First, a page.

UK Public Cite Greater Concern over the Future of the National Health Service (NHS) and the UK Economy than Their Own Health or Online Threats, According to Unisys Security Index™

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UK Public Cite Greater Concern over the Future of the National Health Service (NHS) and the UK Economy than Their Own Health or Online Threats, According to Unisys Security Index™

Tue, 06/23/2020 - 04:35
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Brits are more concerned about COVID-19’s impact on the NHS and the UK economy (61%) than their own personal health (41%); British consumers are less worried about online threats, with concerns about hacking and using online services falling drastically compared to 2019, while the majority are working from home

LONDON, June 23, 2020 – The 2020 Unisys Security Index™ found that Brits are more worried about national concerns and less about personal health or digital risks during the COVID-19 global health crisis. The UK placed the infrastructure of the National Health Service (NHS) as its highest concern during COVID-19, as compared to the average consumer globally that placed its family’s health as the primary concern.

The 2020 Unisys Security Index surveyed more than 15,000 consumers in 15 countries, including more than 1,000 in the U.K., between March and April 2020. Unisys Corporation (NYSE: UIS) gauged attitudes on a wide range of security-related issues and created an index based on consumers’ feedback. The index is a calculated score from zero to 300 based on concern about eight specific issues within the categories of national, financial, internet and personal security.

The U.K. kept the same level of security concerns on the Unisys Security Index as 2019, with a score of 147 out of 300. However, the areas that Brits were most anxious about changed dramatically in light of the pandemic, and the U.K.’s perception of its own security shifted.

The research highlighted that 61% of Brits were concerned about the stability of their country’s health infrastructure during a pandemic, while only 41% were worried about their own physical health. As the government advised the nation to stay home and protect the NHS, the survey showed how the UK has grown more confident in its new digital world as it strives to protect communities.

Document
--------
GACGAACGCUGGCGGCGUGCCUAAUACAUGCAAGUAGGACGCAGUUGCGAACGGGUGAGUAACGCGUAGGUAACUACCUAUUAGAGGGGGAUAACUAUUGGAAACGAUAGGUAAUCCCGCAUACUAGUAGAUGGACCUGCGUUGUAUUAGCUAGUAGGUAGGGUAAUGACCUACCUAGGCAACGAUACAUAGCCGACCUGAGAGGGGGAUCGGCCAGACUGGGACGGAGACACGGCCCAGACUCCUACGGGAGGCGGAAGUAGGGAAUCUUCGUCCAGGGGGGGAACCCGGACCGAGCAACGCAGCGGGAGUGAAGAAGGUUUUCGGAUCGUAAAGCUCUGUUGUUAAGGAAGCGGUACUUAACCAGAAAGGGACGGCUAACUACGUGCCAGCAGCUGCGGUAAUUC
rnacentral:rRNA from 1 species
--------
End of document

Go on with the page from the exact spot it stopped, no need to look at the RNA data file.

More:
Brits were less worried about online threats such as computer viruses and hacking; levels dropped from 41% in 2019 to 31% in 2020. Perceived online shopping risks also fell drastically, to 38% in 2020. Cybercrimes related to identity theft were also less of a concern to the UK. More than half (56%) worried about this in 2019, dropping to 48% in 2020. This suggests that consumers are not as focused on cybercrime, despite threats becoming more pervasive, with cyber criminals targeting the growth in remote workers and the increased public reliance on online shopping during lockdown. Latest figures from Action Fraud, the national reporting centre for fraud and cybercrime, already show a loss of over £2 million just for COVID-19 related reports, with the belief that the actual number may be even higher.

Although concerns over internet and data security issues have decreased for many consumers in the midst of the global health crisis (the UK index score for internet security fell from 161 in 2019 to 139 in 2020) the idea of data sharing and privacy continues to ring alarm bells. Public concerns have been raised over the delayed NHS track and trace app and how personal data will be used and secured. However, the Unisys survey highlighted that consumers are more comfortable sharing their data with public sector organisations, such as the police or government agencies, as opposed to private sector businesses – which could be a positive sign for the adoption of the tracing app if and when it is made available.

“With the U.K. under lockdown, many Brits have been forced to embrace digital technologies. Consumers work, shop, use financial services and participate in social events online,” said Salvatore Sinno, global chief security architect, Unisys. “Worryingly, U.K. consumers tend to be less concerned about how their personal data is collected and handled. Downplaying privacy and potential threats might turn to cybercriminals’ advantage, who see this crisis as an opportunity to exploit any gaps and develop sophisticated methods to leverage possible vulnerabilities.”

As the safety measures imposed by the government significantly reduced face-to-face interactions, the older generation has now embraced digital technologies. Over 55s were increasingly confident with keeping their devices secure, reporting fraud and using online banking services – even more so than younger generations. For instance, compared to 45% of the older respondents, only 34% of those aged 18-24 have an anti-virus software installed on their smart phone. In addition, more than three quarters (78%) of over 55s claim to be just as careful when securing their personal and financial details on their smart phones as they are on other devices. The youngest generation surveyed was less wary of mobile threats, with 65% saying they apply similar precautionary measures to their phone as well as their other personal devices.

“Having been brought up in an analogue world, users over the age of 50 are usually viewed as technophobes struggling in the digital era,” said JP Cavanna, UK and EMEA industry director, cybersecurity, Unisys. “However, the survey shows the opposite is true; they are now much more wary of cyber risks – such as SMS fraud and phishing – than the younger generations and are better equipped to face evolving cybersecurity risks.”

For more results and information on the 2020 Unisys Security Index, visit: https://www.unisys.com/unisys-security-index/uk.